Strange holiday habits of the British and of one wandering American

The attack of the Christmas cards has begun, and if we don’t deliver ours quickly we’ll have to leave the village. Come December, forget conversation, companionship, helpful acts, even love: Cards are the only measure of friendship. If we don’t give someone a card, they’ll think we don’t like them. Or that we’re such socially awkward clods, we’re not worth liking.

Actually, I’m making that up. I don’t know the thinking behind it is, although I do understand that Christmas cards are more important here than on any other part of the planet. Everyone gives them to everyone, and you have to do it. For all I know, everyone hates it but is as intimidated as we are. The entire country is running around buying and delivering cards only because they’re afraid other people will think they’re either awkward clods or hostile.

Whatever lies behind it, though, we’ve stocked up.

Season's greetings, y'all. Photo by Ida Swearingen

Season’s greetings, y’all. Photo by Ida Swearingen

Where we live, people sneak up to the door and push them through the letter slot. We don’t see the people, just the cards. We’ll be sitting around, our minds so sublimely at peace that we’re levitating inches above the floor, and flap, a card drops through the slot. We flop painfully onto the floor and pick ourselves up to collect the card, but by the time we open the door no one’s out there. Except for the signatures, which we recognize, they might as well be messages from the fairies.

People have a saying here: “Oh, she (or he) is away with the fairies.” (It always seems to start with “Oh.” Maybe that makes is wispier, more away-with-the-fairies-ish.) A number of people Wild Thing and I know could be, and have been, described that way, and maybe they’ve sent these back from wherever the fairies live. The fairies have a delivery service. That’s very thoughtful. But it only works at this time of year.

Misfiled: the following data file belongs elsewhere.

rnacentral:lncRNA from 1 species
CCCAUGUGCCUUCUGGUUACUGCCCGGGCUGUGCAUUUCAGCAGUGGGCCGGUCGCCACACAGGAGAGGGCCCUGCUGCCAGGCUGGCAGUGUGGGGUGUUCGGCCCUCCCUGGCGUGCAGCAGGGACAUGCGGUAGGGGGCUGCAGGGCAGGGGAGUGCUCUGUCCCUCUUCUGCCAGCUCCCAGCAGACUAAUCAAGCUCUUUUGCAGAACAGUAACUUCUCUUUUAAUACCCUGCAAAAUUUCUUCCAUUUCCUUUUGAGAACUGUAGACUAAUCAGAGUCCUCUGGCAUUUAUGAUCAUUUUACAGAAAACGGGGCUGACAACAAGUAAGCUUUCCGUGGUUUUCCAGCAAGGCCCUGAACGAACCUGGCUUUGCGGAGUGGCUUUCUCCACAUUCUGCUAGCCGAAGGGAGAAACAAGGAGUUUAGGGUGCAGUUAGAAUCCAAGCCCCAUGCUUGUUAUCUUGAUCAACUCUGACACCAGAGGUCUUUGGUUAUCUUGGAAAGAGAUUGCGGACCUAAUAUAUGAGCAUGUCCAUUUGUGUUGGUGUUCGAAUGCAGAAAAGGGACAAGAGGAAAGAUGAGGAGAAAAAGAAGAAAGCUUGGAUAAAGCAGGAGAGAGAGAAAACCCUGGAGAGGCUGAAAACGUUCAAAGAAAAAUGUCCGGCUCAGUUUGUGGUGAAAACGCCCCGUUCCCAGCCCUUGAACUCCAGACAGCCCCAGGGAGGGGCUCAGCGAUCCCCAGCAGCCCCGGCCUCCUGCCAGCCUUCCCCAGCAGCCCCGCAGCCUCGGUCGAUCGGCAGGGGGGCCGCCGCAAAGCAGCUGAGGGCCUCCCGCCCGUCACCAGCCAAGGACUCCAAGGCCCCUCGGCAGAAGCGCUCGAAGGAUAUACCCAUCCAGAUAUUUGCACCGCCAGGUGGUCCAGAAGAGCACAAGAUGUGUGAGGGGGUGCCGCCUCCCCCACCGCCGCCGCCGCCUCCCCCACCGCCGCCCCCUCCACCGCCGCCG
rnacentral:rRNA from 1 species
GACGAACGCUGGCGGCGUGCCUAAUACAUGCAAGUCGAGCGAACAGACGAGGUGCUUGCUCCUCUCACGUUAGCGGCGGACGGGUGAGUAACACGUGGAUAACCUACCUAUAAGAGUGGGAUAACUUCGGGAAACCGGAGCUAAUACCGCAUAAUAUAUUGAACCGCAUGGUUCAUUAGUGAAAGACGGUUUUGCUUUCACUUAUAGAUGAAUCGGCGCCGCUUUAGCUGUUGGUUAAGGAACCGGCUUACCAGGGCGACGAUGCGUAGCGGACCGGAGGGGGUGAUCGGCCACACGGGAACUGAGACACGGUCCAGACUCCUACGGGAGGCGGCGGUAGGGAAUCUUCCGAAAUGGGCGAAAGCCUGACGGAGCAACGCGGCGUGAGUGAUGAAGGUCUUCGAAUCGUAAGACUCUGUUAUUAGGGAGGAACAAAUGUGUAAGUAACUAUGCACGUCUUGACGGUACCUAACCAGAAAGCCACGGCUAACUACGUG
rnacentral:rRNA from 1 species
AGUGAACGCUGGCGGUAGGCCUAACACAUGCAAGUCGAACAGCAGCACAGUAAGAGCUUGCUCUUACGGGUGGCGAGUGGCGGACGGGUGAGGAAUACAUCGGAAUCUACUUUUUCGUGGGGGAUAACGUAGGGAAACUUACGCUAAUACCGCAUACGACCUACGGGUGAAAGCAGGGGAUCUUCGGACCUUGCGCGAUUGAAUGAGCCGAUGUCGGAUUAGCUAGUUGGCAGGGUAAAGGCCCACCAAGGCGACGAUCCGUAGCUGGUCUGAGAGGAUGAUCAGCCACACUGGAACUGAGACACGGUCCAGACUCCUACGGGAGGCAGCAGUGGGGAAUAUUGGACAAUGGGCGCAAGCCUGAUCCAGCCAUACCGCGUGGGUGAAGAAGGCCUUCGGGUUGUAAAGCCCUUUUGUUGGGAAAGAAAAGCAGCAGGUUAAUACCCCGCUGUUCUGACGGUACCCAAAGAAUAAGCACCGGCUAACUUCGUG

Okay, a few people deliver their cards in person. They stop in and have a cup of tea. Or they bring them to meetings and hand them around.  If you belong to a club or go to any regular activity, people will show up in December armed with cards and pass them out. Most people write name on the envelopes, which means they have to flip through them, once, twice, fourteen times, to find the right one. Some bring a few spares with no names in case they’ve forgotten anyone, or someone they didn’t expect shows up. It’s an odd mix of touching and impersonal when you get one of these.

It made us feel like awkward clods when we didn’t come with a stack of our own, so we’ve started bringing some (nameless, because we’re not well enough organized to predict who’ll be there). But bringing them makes me—although not Wild Thing—feel like a hypocrite. Not because I don’t normally send Christmas cards, but because handing them out this way strikes me as deeply weird.

I’m not going to try to justify that. It’s just one of those deep cultural weird things.